Twenty years ago, the world's first Comprehensive Nuclear-Test-Ban Treaty (CTBT) of 1996, that prohibits nations from conducting any kind of nuclear tests, either for civilian or for military purposes, was approved by the United Nations. At that time, more than two-thirds of the General Assembly's members supported it. That number has now grown to 183. Although the support was strong, some doubted whether the treaty could actually be enforced. After all, what prevents a nation from signing the treaty and then secretly conducting underground nuclear tests?
Licorne nuclear test – French Polynesia, 1970
To prevent nations from violating the treaty, the United Nations decided —shortly after the treaty was approved—to embark on an ambitious engineering feat of creating a global network of sensors that could detect illegal nuclear tests. This global surveillance network is known as the International Monitoring System, and comprises of 337 monitoring facilities spread across the world that uses a variety of methods to detect evidence of nuclear testing. These include seismic, hydroacoustic, infrasound and radionuclide detecting stations. These are some of the most sensitive instruments on the planet. Over the years they have recorded not only nuclear tests but earthquakes, rocket launches, supersonic airplanes breaking the sound barrier, the songs of whales, meteors entering and exploding in the atmosphere, the sounds of icebergs breaking and much more. Like a giant sniffer dog, the International Monitoring System looks, listens, feels and sniffs for irregularities on the planet.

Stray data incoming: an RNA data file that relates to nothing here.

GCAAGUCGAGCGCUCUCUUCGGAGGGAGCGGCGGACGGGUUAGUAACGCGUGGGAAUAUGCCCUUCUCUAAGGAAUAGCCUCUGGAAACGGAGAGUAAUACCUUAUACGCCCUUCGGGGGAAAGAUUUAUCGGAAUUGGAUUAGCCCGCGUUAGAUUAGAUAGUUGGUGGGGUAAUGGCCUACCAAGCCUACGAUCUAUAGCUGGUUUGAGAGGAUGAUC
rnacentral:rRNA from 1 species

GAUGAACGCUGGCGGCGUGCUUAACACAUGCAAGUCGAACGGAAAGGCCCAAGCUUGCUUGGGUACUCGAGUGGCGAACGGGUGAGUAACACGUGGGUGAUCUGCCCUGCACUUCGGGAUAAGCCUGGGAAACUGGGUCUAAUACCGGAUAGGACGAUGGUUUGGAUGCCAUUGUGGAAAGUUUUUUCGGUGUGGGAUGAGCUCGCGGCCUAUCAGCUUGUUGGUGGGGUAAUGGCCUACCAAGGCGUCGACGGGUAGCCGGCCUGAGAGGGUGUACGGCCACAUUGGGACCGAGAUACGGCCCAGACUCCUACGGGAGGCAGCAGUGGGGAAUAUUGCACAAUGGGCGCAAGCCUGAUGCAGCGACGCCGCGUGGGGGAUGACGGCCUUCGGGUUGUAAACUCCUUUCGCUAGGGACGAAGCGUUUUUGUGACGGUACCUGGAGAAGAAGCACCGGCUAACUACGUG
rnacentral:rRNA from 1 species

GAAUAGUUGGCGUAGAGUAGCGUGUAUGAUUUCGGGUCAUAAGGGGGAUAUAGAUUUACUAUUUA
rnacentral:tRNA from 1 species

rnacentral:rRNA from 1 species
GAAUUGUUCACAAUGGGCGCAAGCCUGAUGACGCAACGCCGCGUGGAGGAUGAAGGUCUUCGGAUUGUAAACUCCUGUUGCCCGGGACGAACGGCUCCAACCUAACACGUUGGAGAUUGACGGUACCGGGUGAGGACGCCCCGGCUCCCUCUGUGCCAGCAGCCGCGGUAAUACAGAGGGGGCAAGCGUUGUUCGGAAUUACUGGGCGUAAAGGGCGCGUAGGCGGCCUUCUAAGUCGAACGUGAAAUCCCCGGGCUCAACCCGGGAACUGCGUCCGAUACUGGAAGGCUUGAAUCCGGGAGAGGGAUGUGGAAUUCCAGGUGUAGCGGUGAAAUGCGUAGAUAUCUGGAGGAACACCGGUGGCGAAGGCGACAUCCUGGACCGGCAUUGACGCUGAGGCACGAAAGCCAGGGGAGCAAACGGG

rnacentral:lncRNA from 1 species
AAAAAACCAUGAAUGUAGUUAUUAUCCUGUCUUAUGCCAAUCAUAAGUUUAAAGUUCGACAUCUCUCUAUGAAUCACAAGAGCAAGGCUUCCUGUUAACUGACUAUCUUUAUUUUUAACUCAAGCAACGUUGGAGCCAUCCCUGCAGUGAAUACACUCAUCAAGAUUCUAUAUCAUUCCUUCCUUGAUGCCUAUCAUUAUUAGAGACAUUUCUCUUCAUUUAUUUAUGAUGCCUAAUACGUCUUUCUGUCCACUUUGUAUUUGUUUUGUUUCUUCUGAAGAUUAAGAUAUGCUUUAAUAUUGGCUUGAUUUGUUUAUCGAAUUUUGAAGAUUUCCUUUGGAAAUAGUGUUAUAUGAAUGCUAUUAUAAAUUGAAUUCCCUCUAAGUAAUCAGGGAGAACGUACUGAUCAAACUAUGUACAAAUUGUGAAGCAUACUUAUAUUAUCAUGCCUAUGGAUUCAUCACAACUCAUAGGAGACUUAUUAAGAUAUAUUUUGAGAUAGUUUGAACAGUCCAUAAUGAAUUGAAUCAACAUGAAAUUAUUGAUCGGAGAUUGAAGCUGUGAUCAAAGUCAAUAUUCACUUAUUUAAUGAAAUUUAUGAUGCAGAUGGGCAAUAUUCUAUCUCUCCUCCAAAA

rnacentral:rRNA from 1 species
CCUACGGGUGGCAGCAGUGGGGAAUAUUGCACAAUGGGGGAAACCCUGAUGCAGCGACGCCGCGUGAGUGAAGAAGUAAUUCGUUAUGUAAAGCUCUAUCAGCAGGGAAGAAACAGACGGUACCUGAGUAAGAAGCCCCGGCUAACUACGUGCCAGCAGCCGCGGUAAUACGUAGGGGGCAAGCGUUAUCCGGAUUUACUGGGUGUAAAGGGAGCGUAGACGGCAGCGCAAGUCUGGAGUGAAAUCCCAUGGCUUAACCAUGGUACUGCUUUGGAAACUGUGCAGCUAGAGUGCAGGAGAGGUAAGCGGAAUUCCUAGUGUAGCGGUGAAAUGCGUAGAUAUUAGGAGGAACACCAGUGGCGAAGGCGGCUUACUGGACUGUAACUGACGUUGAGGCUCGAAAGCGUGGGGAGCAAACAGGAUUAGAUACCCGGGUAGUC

Negotiations for nuclear disarmament began as early as 1963 with the signing of the Partial Test-Ban Treaty (PTBT), which prohibited all nuclear tests in the atmosphere and water, out of concern of radioactive fallout, but left out those conducted underground. Neither the United States nor the Soviet Union was willing to adopt a comprehensive test ban that will put an end to all nuclear tests, including those underground, out of fear that either nation will find ways to circumvent any test ban and secretly leap ahead in the nuclear arms race. The United States worried that the Soviet Union would try to covertly conduct underground tests during a test ban, which were more difficult to detect than above-ground tests. Without a system for detecting illicit tests, a comprehensive test ban on nuclear weapons eluded the world for nearly four decades.
Following the breakup of the Soviet Union and the end of the Cold War, the international community got together once again and started to negotiate for a comprehensive ban on nuclear tests. The success of the negotiation depended, in no small part, on the development of a system that could monitor the earth, water and the air for possibly policy violations.
The United Nations created an international body, formally known as the Preparatory Commission for the CTBTO, and tasked it to develop a “verification regime" consisting of instruments, personnel and protocols to detect, verify and report potential evidence of nuclear tests to member states.
Twenty years later, the International Monitoring System is 85 percent done. When completed, it will have 337 stations including: 50 primary and 120 auxiliary seismic monitoring stations to detect seismic waves generated by underground nuclear tests; 11 hydroacoustic stations to detect acoustic waves in the oceans; 60 infrasound stations to detect very low-frequency sound waves in the atmosphere; 80 radionuclide stations to detect radioactive particles released from atmospheric explosions; and 16 radionuclide laboratories for analysis of samples from the radionuclide stations.